Duke grads: Make it matter
Gen. Martin E. Dempsey, the chairman of the Joint Chiefs of Staff asked Duke University graduates to make their lives and their degrees matter during his commencement address Sunday.
More than 14,000 people gathered Mother’s Day morning to watch more than 5,100 Duke graduates receive undergraduate, master’s and professional degrees during the university’s commencement ceremony.
Family, friends and supporters filed into Wallace Wade Stadium to witness the ceremony.
In the invocation, Dean of Duke Chapel Luke A. Powery reminded the students that they were “not alone on their education pilgrimage” but were surrounded by people who offered ongoing encouragement and support.
Dempsey, a West Point and Duke alumnus, told the crowd that he shared in the students’ excitement and joy at this milestone in their lives.
“There were times when I didn’t think I’d make it at Duke but instinctively I knew I had to keep trying and I had to keep learning,” he said. “I’m very proud of my Duke education.”
Dempsey asked the students to keep an eye on the world and to use their talents to help not only themselves but the world around them.
“You’ll need to find, fix and remain true to your moral compass,” he said. “After four years of hard work, you’ve crossed your academic goal line but what’s in your heart?
“You’re all going to lead something,” Dempsey said. “I know your resume. What’s in your heart? America needs each and every one of you.”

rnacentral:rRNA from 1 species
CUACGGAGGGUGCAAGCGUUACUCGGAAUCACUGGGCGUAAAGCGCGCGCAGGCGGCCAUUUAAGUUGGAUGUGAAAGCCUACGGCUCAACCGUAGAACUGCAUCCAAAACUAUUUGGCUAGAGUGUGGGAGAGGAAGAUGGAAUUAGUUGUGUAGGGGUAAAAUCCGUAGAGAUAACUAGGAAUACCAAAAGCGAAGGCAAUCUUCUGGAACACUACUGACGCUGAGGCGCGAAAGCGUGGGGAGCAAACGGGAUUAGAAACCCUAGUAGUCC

In closing Dempsey passed on encouragement and shared pride.
“I hope you believe in yourselves as much as us sitting up here and out there,” he said. “I hope you believe in action over admiration.
“We need leaders of confidence,” Dempsey said. “You’ve been given the gift of education. Make it matter.”
One of the students who has been making it matter is Jennifer Lenore Sherman, a cultural anthropology major who gave the student remarks.
“I’m going to trust you with the truth today,” she said. “I am afraid. Of speaking in front of all of you and of leaving this place. Of not knowing what this next chapter is going to look like.”
Reflecting on her time at Duke, Sherman said that the university that many of them saw as a dream has led to their celebration of excellence and education.
“We have learned from ordinary and extraordinary moments but I think the ordinary ones were more important,” she said. “Duke has taught me that there is nothing in the range of human experience that is off limits to me.
“I hope we will be grateful for our two educations, the one that helped us earn our degrees and the one that taught us to be human.”
The university also conferred five honorary degrees. The recipients were:
• Dr. Carolyn Bertozzi, chemistry and molecular and cell biology professor at the University of California Berkeley,
• Erskine Bowles, former president of the UNC system and co-author of the Simpson-Bowles plan to balance the federal budget in five years,
• Dr. Susan Hockfield, professor of neuroscience at the Massachusetts Institute of Technology,
• Walter S. Isaacson, former chairman and CEO of CNN and author of the book “Steve Jobs,”
• Dr. W. Delano Meriwether, first African-American accepted into Duke’s medical school and founder of the Meriwether Foundation, which operates programs in Africa focusing on health, agriculture and economics.
Dempsey was offered an honorary degree but declined.